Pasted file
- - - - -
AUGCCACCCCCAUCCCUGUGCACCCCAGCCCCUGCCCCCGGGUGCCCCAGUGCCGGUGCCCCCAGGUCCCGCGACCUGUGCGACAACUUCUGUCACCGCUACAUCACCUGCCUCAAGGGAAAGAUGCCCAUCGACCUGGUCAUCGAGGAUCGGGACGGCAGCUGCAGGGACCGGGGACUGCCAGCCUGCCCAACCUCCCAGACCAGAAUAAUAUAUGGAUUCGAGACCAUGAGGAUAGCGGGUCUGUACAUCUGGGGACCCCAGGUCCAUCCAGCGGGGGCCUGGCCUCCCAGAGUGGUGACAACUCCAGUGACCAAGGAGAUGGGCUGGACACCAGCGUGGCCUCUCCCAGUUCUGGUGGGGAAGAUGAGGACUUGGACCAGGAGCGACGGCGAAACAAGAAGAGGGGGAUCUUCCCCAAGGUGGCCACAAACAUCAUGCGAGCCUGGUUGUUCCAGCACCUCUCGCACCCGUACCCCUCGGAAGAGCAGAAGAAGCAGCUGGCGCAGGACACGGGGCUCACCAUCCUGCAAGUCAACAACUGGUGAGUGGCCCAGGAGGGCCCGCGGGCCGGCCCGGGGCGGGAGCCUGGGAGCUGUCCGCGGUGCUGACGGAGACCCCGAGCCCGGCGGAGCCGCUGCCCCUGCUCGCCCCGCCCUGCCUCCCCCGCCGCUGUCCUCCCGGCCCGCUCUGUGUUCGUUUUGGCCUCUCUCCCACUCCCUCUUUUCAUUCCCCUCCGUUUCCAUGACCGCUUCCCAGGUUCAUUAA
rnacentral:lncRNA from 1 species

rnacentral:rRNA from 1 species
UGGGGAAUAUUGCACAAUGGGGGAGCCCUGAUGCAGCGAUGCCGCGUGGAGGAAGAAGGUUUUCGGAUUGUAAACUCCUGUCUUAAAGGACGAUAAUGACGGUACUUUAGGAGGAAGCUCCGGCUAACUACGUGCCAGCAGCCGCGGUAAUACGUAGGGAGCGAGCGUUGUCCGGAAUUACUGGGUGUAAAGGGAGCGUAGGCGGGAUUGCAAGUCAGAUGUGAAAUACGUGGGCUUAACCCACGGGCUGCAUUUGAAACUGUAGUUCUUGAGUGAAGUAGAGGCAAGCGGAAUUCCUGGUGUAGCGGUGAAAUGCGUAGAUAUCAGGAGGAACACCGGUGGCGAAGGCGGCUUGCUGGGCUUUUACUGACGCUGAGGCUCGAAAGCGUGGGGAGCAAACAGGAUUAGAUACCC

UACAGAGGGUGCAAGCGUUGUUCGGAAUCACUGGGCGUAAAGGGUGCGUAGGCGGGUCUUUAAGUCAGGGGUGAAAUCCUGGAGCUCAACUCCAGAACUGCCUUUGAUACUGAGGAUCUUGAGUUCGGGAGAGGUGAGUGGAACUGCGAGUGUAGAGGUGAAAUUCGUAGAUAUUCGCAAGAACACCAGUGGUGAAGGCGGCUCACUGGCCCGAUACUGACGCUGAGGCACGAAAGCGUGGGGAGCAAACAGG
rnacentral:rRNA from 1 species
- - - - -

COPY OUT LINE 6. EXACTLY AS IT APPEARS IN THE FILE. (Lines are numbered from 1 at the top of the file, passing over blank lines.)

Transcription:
rnacentral:rRNA from 1 species